This is an in-depth guide on how to calculate Working Capital to Debt ratio with detailed analysis, example and interpretation. You will learn how to utilize this ratio's formula to evaluate a firm's solvency.
A financial ratio known as the working capital to debt ratio can help you to evaluate a company’s ability to reduce or eliminate its debt.
The higher the ratio value, the more positive a feature this capability becomes for any business you may wish to invest in, since it’s generally considered a sign of good financial health.
By comparing a firm’s working capital with the amount of its total debt, you can determine just how quickly and easily that organization could liquidate its cashable assets to repay its debt obligations, should it ever become necessary.
Even though such a drastic step would only be considered under the most extreme circumstances, since it would effectively eliminate all of a company’s working capital (WC), the working capital to total debt ratio is still considered a highly significant measure of debt coverage.[Click to continue]
This is a detailed guide on how to calculate Long Term Debt to Total Assets Ratio with in-depth interpretation, example, and analysis. You will learn how to use its formula to evaluate a firm's ability to pay off its long-term debt.
The long term debt to total assets ratio tells us what portion of the company’s assets are financed by its non-current liabilities, such as loans and other non-current obligations.
It provides us insights about the current standing of a company’s financial position and its ability to meet its financing needs.
It is one of the many ratios that shed light on the capital structure and leverage levels of a company.
We will see how this ratio can benefit both the firm’s management in optimizing the capital structure and the investors in making an informed decision about investing in the firm.[Click to continue]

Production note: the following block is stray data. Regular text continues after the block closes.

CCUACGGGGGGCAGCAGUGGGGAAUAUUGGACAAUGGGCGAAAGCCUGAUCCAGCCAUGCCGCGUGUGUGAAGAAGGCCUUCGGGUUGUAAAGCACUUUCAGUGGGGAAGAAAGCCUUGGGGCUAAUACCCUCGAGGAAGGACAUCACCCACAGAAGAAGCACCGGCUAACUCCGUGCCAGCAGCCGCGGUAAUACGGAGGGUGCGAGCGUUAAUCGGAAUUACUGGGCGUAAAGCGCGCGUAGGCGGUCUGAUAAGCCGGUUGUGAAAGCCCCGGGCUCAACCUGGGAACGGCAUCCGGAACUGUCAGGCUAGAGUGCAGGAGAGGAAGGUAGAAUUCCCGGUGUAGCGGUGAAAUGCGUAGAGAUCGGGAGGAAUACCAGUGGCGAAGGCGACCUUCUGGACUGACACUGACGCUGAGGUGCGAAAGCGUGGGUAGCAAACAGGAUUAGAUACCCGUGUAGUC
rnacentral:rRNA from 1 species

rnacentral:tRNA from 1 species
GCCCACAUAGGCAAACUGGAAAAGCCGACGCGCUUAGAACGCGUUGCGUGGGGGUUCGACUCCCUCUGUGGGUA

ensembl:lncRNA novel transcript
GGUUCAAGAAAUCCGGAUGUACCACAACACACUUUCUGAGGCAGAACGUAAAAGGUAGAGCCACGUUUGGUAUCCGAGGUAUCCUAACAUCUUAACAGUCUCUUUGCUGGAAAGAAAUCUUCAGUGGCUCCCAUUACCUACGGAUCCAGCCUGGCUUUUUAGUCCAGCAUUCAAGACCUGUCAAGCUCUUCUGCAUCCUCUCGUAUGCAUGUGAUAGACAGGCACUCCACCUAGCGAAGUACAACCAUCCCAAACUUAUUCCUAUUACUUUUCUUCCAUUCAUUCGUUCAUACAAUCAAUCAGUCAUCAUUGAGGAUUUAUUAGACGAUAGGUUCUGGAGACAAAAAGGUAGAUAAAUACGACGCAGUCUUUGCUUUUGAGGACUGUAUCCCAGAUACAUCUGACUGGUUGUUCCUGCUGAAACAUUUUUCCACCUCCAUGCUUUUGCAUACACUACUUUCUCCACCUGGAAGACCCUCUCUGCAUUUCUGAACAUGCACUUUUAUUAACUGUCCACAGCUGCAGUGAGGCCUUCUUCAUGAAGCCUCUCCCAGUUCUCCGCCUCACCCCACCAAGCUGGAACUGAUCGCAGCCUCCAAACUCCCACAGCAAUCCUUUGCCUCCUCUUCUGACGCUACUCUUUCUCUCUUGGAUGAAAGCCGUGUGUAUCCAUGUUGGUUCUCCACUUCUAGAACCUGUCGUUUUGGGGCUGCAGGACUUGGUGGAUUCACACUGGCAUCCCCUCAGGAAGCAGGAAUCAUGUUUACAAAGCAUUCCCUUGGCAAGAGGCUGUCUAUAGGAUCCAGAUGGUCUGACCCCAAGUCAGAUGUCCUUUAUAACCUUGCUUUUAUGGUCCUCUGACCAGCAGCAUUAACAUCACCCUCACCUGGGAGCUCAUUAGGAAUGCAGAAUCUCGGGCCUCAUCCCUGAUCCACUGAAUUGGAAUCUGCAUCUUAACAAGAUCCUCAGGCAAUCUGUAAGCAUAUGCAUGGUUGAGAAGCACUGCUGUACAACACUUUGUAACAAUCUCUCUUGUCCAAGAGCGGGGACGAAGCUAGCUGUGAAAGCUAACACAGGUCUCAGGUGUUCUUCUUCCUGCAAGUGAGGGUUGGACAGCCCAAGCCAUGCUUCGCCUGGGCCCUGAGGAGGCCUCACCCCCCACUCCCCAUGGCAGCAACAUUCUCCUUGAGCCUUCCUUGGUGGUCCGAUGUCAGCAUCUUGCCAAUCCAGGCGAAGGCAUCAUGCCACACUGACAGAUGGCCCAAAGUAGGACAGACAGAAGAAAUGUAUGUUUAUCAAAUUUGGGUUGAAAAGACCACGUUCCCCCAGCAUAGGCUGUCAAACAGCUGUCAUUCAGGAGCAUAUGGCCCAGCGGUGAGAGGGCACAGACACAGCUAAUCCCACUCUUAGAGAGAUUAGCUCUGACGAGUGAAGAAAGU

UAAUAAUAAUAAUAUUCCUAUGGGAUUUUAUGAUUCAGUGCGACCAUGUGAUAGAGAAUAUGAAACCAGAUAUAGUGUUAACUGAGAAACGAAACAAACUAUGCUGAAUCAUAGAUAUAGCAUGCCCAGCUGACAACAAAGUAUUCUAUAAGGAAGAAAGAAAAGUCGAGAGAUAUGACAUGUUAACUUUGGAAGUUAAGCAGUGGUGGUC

This is a complete guide on how to calculate Current Cash Debt Coverage ratio with in-depth interpretation, example, and analysis. You will learn how to use its formula to evaluate a company’s solvency.
If you want to invest in a stock, then it's critical to assess its state of solvency.
Establishing if that company can pay off its debt or not is just as vital, you can determine that by calculating the current cash debt coverage ratio, or the current cash flow to debt ratio.
That's important no matter if you are an investor or a creditor. Still, as an investor, you are more likely to analyze these numbers, as they interest you most.
Simply put, the current cash debt coverage ratio shows you a company's current operating cash flow (OCF) in relation to its current debt obligations.
In other words, it indicates the firm’s capability of paying its short-term debt in the upcoming years from its cash flow from operations.[Click to continue]
This is a detailed guide on how to calculate Fixed Assets to Net Worth Ratio with in-depth interpretation, example, and analysis. You will learn how to use its formula to evaluate a firm's ability to pay off its long-term debt.
The fixed assets to net worth ratio, also referred to as the non-current assets to net worth ratio, is a simple calculation that tells us more about the solvency of a company.
It indicates the proportion of the company’s fixed assets which are currently frozen or can’t be used for meeting its debt obligations.
Using this ratio, you can easily find out the extent to which the firm’s assets are illiquid.
To understand the importance of this ratio, you need to first understand what fixed assets are.
Fixed asset is any asset that is not expected to be converted into cash in under 1 year.
Buildings, furniture, machinery, delivery trucks, etc. are some good examples of a company’s fixed assets. Details of fixed assets can be found under the Assets section of the balance sheet.
Having a lower ratio is favorable because this shows that the company you’re considering investing in does not rely too heavily on its fixed assets to meet its current debt obligations.
Conversely, a higher ratio may be a red flag as it indicates that the company’s solvency becomes lower since more funds are tied up with non-current and less-liquid assets.[Click to continue]